1.  Does the stigma behind being depressed or having anxiety affect your patients? In what ways?
  • It depends on how public it is. Some can hide pretty well. When serious then it 
    becomes a stigma, because they find excuses not to do anything because they are 
    too depressed or anxious. Sooner or later someone finds out something wrong. No 
    one knows about their mental illness for some people because they are faking it. 
    Sometime they go to parties to hide it. He had a patient that was tremulously 
    anxious because she had to have everything perfect. No mistakes or she would freak 
    out. She was a very smart girl with straight As, but if it wasn’t a perfect score 
    she would argue with the teacher until the teacher would give in. when she wasn’t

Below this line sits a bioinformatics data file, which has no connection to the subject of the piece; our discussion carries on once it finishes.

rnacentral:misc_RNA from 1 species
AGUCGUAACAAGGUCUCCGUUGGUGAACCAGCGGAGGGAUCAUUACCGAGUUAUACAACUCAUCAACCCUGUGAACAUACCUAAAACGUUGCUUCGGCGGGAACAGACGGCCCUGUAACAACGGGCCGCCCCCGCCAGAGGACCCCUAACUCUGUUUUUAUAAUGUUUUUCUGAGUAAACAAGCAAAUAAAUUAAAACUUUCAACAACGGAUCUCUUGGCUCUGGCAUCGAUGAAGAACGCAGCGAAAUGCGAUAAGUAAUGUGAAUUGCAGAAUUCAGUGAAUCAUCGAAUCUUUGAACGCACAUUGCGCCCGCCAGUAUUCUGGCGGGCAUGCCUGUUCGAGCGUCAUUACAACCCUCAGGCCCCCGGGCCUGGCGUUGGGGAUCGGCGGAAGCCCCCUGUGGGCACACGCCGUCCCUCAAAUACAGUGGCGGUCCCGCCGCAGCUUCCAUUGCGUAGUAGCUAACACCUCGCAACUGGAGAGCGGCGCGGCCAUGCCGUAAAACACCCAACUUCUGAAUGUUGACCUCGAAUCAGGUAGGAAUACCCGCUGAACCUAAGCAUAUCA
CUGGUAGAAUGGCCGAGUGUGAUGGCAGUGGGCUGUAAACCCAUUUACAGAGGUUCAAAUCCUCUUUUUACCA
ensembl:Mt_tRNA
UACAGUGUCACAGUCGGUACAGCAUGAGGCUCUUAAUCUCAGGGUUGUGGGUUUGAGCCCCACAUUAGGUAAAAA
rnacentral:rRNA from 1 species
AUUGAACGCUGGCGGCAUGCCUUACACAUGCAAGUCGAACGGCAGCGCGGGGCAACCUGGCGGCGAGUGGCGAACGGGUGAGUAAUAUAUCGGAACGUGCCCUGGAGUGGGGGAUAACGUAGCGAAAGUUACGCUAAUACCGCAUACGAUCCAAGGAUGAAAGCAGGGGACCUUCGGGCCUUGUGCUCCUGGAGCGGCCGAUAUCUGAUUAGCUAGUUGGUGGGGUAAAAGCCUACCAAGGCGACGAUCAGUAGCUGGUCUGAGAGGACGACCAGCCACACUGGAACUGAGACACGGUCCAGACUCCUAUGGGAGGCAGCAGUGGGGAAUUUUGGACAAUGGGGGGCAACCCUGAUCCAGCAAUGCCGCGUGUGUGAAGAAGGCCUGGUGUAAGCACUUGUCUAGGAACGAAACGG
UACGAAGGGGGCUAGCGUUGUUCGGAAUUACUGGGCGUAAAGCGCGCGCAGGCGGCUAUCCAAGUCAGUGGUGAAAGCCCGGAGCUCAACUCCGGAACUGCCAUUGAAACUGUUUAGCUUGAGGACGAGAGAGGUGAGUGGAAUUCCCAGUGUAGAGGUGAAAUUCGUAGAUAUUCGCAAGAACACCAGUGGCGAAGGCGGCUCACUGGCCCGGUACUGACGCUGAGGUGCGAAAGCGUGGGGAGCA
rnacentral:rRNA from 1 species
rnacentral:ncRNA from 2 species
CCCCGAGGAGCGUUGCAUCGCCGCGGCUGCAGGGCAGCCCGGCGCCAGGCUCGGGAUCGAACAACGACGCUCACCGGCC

successful she had to be hospitalized.
  1.  Does depression differ between the ages?
  • You can be depressed at any age. The younger are usually less depressed and more 
    sad. Different ages are depressed about different things. When middle aged it 
    comes from not being where you want to be in life. Like wanting to have a better 
    job and make more money. When older it can come from not succeeding in the way you 
    wanted to. It's different. It's not better or worse. When young they might get 
    anxious about a test score and older might be about a job. It tends to become 
    worse if you don’t get help. They don’t get better by themselves. The will never 
    completely get better. Therapy is helping you cope. That basically all we can do 
    with our lives. Because we don't have control in life. Most things are beyond control.